Mrs Davey said, ‘At this stage it is unclear how any new legislation to decriminalise sex work in SA will protect migrant women from exploitation or address the confusion between sex work promoted as massage and health-related massage therapy. Certainly, the massage sector has not been consulted.’
‘While the intent is that decriminalisation will make sex work safer, it remains to be seen if provisions are made in legislation and policy to make the workplace safer for massage therapists. To achieve this, decriminalisation of sex work in South Australia must include reforms to separate massage from sex work, and protect women who work as professional massage therapists,’ Mrs Davey said.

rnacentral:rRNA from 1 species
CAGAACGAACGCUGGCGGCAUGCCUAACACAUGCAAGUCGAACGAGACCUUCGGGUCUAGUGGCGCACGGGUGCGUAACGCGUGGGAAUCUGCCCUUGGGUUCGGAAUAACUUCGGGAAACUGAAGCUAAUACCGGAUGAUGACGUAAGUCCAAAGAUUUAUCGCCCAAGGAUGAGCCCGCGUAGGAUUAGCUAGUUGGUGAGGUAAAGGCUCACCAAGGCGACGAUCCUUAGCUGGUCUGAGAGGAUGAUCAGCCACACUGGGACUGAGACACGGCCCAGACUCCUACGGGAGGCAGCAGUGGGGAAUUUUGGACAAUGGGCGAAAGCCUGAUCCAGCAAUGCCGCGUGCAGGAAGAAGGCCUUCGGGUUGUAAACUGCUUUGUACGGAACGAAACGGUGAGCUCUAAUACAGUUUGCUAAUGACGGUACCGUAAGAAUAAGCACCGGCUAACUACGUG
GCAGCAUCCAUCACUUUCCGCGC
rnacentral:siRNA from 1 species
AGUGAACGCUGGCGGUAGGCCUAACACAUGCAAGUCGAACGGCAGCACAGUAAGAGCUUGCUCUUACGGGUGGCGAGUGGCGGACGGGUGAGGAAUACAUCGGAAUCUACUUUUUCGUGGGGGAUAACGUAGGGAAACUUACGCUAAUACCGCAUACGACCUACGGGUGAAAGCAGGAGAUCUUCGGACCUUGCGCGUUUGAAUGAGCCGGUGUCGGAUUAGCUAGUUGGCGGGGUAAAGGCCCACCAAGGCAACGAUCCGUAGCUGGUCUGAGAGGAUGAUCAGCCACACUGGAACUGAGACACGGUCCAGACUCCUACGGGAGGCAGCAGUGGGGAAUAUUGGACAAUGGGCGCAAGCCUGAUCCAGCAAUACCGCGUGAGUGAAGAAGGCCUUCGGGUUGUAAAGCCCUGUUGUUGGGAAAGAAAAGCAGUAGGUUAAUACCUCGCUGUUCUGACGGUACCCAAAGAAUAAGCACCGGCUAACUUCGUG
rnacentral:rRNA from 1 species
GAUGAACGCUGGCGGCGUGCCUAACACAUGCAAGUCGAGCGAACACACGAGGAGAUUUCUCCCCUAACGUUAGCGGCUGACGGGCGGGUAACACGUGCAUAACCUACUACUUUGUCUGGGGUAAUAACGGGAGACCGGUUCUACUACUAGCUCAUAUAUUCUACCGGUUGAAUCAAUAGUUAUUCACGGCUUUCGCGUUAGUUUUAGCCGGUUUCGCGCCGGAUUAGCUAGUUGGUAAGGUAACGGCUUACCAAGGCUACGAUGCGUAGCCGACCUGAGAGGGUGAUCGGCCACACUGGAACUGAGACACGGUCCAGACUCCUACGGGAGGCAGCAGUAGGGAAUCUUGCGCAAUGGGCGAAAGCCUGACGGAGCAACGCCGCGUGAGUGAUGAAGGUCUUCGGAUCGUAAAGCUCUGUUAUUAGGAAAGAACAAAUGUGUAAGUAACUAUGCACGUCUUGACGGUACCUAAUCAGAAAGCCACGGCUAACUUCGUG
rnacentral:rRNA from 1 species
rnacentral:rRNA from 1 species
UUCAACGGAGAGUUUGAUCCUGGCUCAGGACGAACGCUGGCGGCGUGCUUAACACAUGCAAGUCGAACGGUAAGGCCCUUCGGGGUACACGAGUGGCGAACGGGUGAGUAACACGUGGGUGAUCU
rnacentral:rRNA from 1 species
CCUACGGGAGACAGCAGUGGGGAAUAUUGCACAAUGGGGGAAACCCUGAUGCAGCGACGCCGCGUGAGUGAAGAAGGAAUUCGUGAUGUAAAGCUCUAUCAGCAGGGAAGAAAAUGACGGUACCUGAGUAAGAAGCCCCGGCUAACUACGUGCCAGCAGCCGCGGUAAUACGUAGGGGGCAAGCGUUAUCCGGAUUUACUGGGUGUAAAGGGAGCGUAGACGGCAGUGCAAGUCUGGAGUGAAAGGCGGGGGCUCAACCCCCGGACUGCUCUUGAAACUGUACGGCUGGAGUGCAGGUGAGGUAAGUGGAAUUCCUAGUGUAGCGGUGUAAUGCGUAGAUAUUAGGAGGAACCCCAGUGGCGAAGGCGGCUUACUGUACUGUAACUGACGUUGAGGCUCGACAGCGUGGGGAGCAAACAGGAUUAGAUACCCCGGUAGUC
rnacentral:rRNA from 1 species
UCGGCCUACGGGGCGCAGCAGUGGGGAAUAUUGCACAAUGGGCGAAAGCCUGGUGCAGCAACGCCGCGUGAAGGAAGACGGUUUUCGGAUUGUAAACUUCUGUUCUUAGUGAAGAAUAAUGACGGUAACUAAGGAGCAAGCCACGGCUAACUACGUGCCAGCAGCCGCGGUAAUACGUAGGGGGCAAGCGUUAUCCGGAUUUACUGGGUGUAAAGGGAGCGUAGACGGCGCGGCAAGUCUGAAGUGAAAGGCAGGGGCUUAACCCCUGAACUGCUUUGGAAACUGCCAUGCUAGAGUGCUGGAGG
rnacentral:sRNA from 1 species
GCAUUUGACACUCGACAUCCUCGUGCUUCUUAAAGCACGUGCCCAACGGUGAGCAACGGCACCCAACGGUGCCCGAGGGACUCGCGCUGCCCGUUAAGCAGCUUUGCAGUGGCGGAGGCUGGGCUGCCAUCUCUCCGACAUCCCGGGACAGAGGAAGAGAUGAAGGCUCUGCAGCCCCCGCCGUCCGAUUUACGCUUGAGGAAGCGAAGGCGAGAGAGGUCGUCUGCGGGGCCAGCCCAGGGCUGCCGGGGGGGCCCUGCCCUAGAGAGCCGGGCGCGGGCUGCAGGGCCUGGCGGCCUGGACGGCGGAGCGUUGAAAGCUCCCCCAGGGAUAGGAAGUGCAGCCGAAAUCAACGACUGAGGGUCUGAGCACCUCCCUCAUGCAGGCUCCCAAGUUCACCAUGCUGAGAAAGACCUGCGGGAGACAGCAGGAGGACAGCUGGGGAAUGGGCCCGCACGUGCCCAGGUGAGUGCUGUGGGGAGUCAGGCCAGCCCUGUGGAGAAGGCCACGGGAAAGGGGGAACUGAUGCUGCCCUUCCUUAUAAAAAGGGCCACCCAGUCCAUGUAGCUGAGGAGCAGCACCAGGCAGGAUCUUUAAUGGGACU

Massage & Myotherapy Australia (the Association) is the sector’s leader and driving force towards evidenced-based massage and myotherapy services.
Massage & Myotherapy Australia is a not-for-profit organisation formed in 2003. As the leading representative body for massage therapists, remedial massage therapists and myotherapists nationwide, we currently serve over 8,600 professionally-qualified member therapists. Members must:
· hold a current qualification from a Registered Training Organisation (RTO)
· hold current Senior/Level 2 First Aid Qualifications
· hold current Malpractice, Public Liability Insurance (minimum $2,000,000)
· complete a statutory declaration, indicating that they have not been charged with or convicted of an offence of harm to a person nor been subject to disciplinary proceedings with a Private Health Fund
· undergo continuing professional education to a specified number of hours each year.
Glenn Schaube 0439 320 151; firstname.lastname@example.org